Tax time can tax the nerves
I met with my accountant, Frank, last
week to discuss my 1991 taxes. I usually wait until the last minute, but I
decided to be responsible for once and get it done a week early.
Actually, now that I think about it,
Frank called me. It seemed he had some time on his hands and wanted to
start working on my return. It made me a little nervous to have an
accountant with free time the week before April 15, but Frank simply
claimed he was a victim of the recession.
Quite a few of my clients are cutting
costs by doing their own returns this year," he said. "Our
business is definitely down."
Something about the way he said it
bothered me. I felt he wanted to add, "but weíll be fine after weíre
through billing you." But Iím sure it was just my paranoia peeking
Besides, thereís only so much he can
do to me. I mean, for me. I give him the information, he organizes it,
dumps it in his computer and VOILA, Iím broke.
Itís as simple as that. Perhaps Iíd
be far more eager to complete my return if I ever received a refund, but
owning your own business seems to automatically dictate that April 15 will
be the most miserable day of the year.
Without getting too complicated, Iíll
try and explain what I perceive as the perennial problem.
Itís called short-term debt.
There never seems to be enough cash to
pay both the principal on the debt, which is of course non-deductible, and
taxes. During the year, I quite often have to make the choice of paying
estimated taxes or paying the bank.
The bank always gets the nod. The
decision is based on my desperate rationalization that by the end of the
year some disaster will have struck that will drastically lower my income,
thereby confirming my piddling estimated tax deposits.
Fortunately, that rarely happens.
Unfortunately, the cash needed to pay the taxes that are now due,
including a penalty, has been paid to the bank to pay off short-term debt.
Of course, I can take great solace in
knowing I am building equity in the business. This means that I will be
able, once these short-term debts have been paid down, to borrow more
short-term debt to pay taxes. Then the cycle begins again.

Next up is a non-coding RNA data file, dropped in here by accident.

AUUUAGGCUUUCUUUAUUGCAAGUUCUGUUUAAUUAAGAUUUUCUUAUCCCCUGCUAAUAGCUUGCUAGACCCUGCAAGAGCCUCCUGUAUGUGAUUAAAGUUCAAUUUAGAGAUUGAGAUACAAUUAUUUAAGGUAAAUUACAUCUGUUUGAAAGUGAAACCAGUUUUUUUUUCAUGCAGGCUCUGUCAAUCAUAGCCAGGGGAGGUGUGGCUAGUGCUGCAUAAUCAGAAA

What happens is that I am always one
year behind in paying taxes, always catching up. Iíll borrow short-term
to pay 1991 taxes, pay off debt in1992, then borrow in 1993 to pay 1992
It doesnít seem to get any worse, but
then again, it never seems to improve much, either. Without an outstanding
year to obliterate the debt once and for all, the cycle is destined to
I realize itís a nice problem to
have. The fact that I owe taxes means the business is successful. But what
I need is the Internal Revenue Service to give me one free year of income
so I can get out of this cash rut.
Since thatís not likely to happen, I
told Frank to come up with some creative accounting.
"Creative what?" he asked
when I broached the subject.
"Creative accounting," I
repeated. "There must be some way to get out of this rut."
Frank shrugged. "Double your
"Super advice," I said.
"What do I owe you for your wisdom?"
"Be glad youíre a little person
who pays taxes," he said, "The big people, like Leona Helmsley,
go to jail."
He made his point, but I was still
looking for a tidbit of creativity. True to the accounting profession, I
wasnít going to get it.
By the end of last week, I got the
word. Frank had run the numbers, and as expected, I was faced with a
sizable tax bill, including the dreaded penalty for not making all the
required estimated tax deposits throughout 1991.
"Do you have the cash to cover
it?" asked Frank, concerned that I would go under before paying his
"Iíll find it somehow," I
replied, knowing the answer was renewed debt and also that other
creditors, except the bank, would have to wait to be paid. I made a mental
note to make sure Frankís bill was paid before 1995.
"One other thing," said
Frank. "Donít forget our estimated tax deposits for 1992 or youíll
be hit with another penalty."
"Thanks a lot. Whenís the first
one due? I can never remember."